- A notice of an existence of a tax liability has been deliberately excluded from the Board Rules as a mandatory document to accompany an appeal in order to enable a taxpayer to exhaust all the available remedies of either lodging an objection with the Commissioner General before lodging an appeal or forward the matter for the Board’s attention by way of reference. It was irregular for the Respondent to lodge an appeal to the Board against the notice on existence of tax liability.
- As articulated in the case of Commissioner General, TRA vs JSC Atomredmetzoloto, the only remedy against a notice of existence of a liability to pay tax, fees, levy or charge is by way of reference to the Board instead of an appeal.
- Section 14(2) of the TRAA vests the Board with jurisdiction to entertain a reference by a taxpayer aggrieved by the Commissioner’s notice on existence of liability to pay. Further, the Board’s mandate to determine a reference by taxpayer does not cease by reason of the absence of requisite procedures in the Board Rules stipulating the manner of referring and determination of proceedings on a reference.
The Court of Appeal proceeded to nullify all the proceedings of the Board and Tribunal.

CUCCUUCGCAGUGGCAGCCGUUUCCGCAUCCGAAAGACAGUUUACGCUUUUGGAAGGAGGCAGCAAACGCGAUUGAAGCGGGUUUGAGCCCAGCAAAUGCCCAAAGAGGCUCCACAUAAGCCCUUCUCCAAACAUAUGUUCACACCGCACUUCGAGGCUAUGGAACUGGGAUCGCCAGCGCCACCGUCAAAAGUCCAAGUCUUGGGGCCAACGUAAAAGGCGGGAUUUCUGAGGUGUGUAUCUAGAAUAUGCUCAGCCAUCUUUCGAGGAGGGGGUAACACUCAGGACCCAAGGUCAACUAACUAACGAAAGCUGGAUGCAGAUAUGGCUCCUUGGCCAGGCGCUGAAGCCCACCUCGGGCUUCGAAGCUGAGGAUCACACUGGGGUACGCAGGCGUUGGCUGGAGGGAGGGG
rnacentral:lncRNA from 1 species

Lawhill & Co. Advocates understands that ABG’s appeal before the Board was preferred under the provisions of section 6 of the TRA Act and section 14(2) of the TRAA. The provisions are reproduced below: -
6-“Any person who is aggrieved by the decision of the Commissioner General in relation to any act or omission in the course of the discharge of any function conferred upon him under the law set out in the first schedule to this Act, may appeal to the Board in accordance with the provisions of the Tax Revenue Appeals Act”(Emphasis is ours)
14(2)-“Notwithstanding subsection (2), a person who objects a notice issued by the Commissioner General with regards to the existence of liability to pay any tax, duty, fees, levy or charge may refer his objection to the Board for determination.” (Emphasis is ours)
From the Court of Appeal’s interpretation in this case, the provisions of section 6 of the TRA Act only create the right of appeal to the Board by any taxpayer aggrieved by the decision of the Commissioner General. However, such right of appeal has to be exercised in accordance with the provisions of TRAA. This means, the taxpayer’s right to knock the doors of the Board under section 14(2) of the TRAA, is in two-folds exercisable in mutually exclusive alternatives, to wit:-